ygurova | Apr 22, 2016 |
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This is a great resource when talking about fractured fairy tales.
added by courtneyemahr | editCourtney E. Mahr
 

» Add other authors

Author nameRoleType of authorWork?Status
Scieszka, Jonprimary authorall editionsconfirmed
Smith, LaneIllustratorsecondary authorall editionsconfirmed
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Epigraph
Everybody knows the story of the Three Little Pigs. Or at least they think they do. But I'll let you in on a little secret. Nobody knows the real story, because nobody has ever heard my side of the story.
Dedication
To Jeri and Molly
First words
Everyone knows the story of the Three Little Pigs.
Quotations
Hey, it's not my fault wolves eat cute little animals like bunnies and sheep and pigs...If cheeseburgers were cute, folks would probably think you were Big and Bad, too.
The real story is about a sneeze and a cup of sugar.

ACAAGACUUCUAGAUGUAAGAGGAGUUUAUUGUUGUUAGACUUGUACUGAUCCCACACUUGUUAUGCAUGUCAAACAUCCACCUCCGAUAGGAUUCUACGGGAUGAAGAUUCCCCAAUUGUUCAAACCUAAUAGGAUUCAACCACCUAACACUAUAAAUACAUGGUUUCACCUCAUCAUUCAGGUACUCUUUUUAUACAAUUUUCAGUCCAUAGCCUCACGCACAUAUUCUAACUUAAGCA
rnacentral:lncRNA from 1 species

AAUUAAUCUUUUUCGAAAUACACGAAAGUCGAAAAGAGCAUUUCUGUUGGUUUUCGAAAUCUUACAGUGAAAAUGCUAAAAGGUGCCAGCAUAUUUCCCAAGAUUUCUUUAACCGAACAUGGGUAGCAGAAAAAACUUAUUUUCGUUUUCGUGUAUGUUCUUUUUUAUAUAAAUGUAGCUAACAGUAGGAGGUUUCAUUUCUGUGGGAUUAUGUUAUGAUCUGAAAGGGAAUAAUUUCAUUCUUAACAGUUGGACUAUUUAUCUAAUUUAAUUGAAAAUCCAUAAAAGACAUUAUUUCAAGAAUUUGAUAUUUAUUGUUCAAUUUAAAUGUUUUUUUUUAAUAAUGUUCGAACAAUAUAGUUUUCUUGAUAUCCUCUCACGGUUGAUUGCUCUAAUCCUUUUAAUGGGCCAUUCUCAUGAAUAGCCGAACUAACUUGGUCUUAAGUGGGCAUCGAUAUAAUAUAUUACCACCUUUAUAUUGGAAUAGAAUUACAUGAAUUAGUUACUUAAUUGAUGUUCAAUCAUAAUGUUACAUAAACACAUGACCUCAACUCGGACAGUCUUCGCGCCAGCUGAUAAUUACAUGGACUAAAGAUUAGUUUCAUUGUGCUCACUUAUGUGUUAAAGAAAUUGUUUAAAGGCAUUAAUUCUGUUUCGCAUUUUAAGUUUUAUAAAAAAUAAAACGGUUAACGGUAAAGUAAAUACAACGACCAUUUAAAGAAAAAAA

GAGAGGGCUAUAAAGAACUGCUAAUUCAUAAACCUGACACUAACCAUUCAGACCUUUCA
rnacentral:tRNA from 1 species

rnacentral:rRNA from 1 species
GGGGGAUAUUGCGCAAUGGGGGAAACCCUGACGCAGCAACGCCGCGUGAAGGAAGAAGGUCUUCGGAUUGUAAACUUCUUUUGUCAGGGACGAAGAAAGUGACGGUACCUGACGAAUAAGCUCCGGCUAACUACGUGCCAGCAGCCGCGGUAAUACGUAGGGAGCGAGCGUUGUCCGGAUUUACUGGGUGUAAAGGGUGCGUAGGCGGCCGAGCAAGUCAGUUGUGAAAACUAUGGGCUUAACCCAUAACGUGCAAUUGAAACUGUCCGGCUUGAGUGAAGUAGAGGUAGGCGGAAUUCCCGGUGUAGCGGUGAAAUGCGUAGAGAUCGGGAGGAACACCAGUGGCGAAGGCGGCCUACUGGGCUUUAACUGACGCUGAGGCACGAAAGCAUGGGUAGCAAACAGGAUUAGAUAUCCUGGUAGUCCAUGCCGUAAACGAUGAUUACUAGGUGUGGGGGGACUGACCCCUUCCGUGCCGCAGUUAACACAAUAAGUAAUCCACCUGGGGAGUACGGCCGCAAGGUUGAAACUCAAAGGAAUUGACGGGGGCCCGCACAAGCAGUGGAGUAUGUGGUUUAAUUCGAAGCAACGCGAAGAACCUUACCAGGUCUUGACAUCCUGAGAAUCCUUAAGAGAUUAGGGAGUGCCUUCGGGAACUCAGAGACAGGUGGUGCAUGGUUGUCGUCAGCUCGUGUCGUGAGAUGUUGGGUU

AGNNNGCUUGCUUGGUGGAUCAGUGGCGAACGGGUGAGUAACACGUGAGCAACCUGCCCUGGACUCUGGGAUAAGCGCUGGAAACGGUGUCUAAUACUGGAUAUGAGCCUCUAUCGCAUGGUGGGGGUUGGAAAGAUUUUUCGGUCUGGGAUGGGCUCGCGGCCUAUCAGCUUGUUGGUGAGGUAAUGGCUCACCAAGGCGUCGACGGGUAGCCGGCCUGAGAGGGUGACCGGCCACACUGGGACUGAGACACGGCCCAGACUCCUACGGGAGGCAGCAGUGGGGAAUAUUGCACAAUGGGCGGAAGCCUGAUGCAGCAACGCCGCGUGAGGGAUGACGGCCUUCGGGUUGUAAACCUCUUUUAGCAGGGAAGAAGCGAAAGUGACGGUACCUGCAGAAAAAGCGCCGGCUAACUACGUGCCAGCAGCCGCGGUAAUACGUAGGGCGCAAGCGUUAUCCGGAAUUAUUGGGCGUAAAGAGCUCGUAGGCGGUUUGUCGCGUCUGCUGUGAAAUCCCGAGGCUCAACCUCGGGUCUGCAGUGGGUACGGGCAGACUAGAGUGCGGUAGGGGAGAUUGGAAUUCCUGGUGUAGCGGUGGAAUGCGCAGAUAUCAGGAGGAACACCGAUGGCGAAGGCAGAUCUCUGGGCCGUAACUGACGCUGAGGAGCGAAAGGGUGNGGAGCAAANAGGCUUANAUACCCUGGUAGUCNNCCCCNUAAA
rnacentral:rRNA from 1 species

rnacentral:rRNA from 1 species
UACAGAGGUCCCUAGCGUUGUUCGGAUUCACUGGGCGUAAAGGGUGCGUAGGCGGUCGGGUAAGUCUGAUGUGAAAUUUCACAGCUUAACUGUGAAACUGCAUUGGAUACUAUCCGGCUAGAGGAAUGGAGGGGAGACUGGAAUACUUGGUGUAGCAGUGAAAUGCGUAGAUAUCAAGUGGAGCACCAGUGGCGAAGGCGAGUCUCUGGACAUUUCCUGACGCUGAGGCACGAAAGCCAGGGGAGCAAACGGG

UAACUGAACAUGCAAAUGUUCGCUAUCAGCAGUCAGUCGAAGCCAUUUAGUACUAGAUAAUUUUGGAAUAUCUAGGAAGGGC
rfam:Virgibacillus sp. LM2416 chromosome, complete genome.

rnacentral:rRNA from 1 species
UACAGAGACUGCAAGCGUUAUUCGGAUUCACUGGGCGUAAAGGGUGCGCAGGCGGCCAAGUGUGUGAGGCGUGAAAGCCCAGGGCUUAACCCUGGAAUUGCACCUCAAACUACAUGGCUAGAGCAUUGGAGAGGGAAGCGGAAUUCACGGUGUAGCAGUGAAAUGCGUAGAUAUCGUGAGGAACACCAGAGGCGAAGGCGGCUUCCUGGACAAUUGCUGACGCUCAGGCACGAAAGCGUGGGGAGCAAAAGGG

I don't know how this whole Big Bad Wolf thing got started, but it's all wrong
Last words
(Click to show. Warning: May contain spoilers.)
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Book description
This story has a great lead, so good for teaching how to make a lead.
Haiku summary

Amazon.com Amazon.com Review (ISBN 0140544518, Paperback)

"There has obviously been some kind of mistake," writes Alexander T. Wolf from the pig penitentiary where he's doing time for his alleged crimes of 10 years ago. Here is the "real" story of the three little pigs whose houses are huffed and puffed to smithereens... from the wolf's perspective. This poor, much maligned wolf has gotten a bad rap. He just happened to be in the wrong place at the wrong time, with a sneezy cold, innocently trying to borrow a cup of sugar to make his granny a cake. Is it his fault those ham dinners--rather, pigs--build such flimsy homes? Sheesh.